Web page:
Gilbert Fuchs Figure skater

Gilbert Fuchs was a German figure skater and world champion in figure skating. In 1896, he won the first world figure skating championships, held in St. Petersburg, Russia. In 1906 he recaptured the title in Munich. Relations with his constant rival Ulrich Salchow were strained. In 1906, Salchow did not compete in Munich, Fuchs' hometown, because he expected to be judged unfairly. Likewise, Fuchs did not participate in the 1908 Olympics because he felt the judges favored Salchow. Only once did Fuchs place higher in a competition than Salchow, the 1901 Europeans in Vienna. Fuchs however didn't win, coming second to Gustav Hügel of Austria. Fuchs learned figure skating on his own, after learning gymnastics, weightlifting, and stone put. After finishing secondary school, he served in a cavalry regiment, later studying agriculture in Vienna. Still later, he moved to Munich, Bavaria, in Germany and studied forestry. He practiced on Germany's first artificial ice rink, named "Unsöldsche Kunsteisbahn", which opened in 1892 and competed for Munich EV and Germany. He wrote and published: "Theory and Practice of Figure Skating" . Beyond figure skating, Fuchs studied the morphology of the bark beetle . In 1929, in his late fifties, he wrote his PhD thesis titled “European timber industry after the war” . ("War" here referred to the First World War.)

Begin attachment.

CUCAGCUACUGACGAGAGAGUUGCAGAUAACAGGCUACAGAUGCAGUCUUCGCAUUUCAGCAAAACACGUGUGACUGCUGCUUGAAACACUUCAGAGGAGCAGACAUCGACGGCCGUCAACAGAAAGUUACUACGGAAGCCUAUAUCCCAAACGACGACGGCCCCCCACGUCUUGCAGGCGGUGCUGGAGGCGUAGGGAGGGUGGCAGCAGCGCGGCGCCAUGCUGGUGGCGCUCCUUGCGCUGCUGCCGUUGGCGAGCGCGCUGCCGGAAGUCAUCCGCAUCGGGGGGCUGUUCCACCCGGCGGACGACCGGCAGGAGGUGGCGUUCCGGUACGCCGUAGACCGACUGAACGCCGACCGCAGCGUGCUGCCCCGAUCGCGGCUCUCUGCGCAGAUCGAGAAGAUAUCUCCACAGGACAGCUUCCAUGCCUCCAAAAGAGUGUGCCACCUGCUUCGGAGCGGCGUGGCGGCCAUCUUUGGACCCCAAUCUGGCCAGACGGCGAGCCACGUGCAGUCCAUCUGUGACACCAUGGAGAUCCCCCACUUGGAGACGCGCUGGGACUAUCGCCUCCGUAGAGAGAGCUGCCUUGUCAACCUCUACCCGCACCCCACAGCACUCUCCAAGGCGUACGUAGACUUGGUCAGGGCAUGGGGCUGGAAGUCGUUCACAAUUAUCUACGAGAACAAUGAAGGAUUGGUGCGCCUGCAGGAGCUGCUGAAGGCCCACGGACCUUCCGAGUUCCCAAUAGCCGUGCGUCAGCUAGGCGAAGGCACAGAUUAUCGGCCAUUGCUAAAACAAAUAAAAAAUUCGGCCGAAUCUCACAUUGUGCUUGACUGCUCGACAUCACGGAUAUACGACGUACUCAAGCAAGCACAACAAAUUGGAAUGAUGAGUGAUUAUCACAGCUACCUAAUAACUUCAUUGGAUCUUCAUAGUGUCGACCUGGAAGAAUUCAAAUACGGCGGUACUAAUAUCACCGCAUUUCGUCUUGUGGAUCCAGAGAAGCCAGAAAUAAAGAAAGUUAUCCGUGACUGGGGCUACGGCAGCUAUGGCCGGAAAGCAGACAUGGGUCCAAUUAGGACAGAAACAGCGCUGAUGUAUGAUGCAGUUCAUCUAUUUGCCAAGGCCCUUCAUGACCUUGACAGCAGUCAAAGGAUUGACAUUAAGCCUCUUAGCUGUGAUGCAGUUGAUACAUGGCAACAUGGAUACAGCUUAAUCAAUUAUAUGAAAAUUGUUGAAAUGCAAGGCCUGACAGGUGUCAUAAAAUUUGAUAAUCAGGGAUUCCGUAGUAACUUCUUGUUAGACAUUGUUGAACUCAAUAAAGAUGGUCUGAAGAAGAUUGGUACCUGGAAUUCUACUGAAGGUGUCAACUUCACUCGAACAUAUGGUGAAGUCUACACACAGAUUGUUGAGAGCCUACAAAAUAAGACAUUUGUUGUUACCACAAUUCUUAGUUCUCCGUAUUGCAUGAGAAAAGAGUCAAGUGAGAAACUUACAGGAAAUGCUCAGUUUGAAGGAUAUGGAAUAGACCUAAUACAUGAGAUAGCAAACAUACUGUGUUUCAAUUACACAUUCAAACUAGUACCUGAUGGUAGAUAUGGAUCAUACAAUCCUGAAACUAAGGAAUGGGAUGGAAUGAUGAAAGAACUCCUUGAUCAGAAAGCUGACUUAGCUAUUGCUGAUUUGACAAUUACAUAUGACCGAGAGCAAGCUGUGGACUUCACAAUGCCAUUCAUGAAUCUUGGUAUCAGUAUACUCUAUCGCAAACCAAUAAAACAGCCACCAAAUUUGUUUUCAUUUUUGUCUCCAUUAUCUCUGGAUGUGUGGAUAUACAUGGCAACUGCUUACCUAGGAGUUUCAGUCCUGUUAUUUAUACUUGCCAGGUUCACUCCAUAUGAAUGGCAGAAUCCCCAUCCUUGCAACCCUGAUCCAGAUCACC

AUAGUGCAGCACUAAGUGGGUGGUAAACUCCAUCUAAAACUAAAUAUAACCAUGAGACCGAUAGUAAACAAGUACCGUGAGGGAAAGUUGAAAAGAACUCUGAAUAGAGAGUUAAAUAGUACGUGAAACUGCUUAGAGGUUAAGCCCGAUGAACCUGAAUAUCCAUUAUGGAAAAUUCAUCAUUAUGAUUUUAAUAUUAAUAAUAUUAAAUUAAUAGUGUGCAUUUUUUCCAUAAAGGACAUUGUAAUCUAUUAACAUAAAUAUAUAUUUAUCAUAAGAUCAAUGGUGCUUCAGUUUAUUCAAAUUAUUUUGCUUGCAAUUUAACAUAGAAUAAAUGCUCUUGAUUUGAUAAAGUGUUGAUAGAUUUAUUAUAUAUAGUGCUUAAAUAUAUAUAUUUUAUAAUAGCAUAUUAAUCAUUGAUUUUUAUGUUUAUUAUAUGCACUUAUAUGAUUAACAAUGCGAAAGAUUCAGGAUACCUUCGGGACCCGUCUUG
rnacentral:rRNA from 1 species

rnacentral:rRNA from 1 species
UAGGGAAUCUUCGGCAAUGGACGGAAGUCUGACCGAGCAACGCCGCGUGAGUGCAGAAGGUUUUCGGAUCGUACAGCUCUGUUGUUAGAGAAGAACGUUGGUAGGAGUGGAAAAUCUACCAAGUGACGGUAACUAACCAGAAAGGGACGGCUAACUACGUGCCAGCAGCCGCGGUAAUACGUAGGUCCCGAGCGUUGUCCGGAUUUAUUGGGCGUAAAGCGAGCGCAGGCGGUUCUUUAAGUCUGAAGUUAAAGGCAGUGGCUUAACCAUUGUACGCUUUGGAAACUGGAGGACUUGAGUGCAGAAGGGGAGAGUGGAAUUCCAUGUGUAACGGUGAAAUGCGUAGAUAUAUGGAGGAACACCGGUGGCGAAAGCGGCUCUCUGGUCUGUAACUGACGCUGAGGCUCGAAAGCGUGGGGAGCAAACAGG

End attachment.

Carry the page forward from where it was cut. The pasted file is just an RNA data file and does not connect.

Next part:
Personal facts

Birth dateJanuary 01, 1871
Birth place
Graz , Austria
Date of deathJanuary 01, 1952
Place of death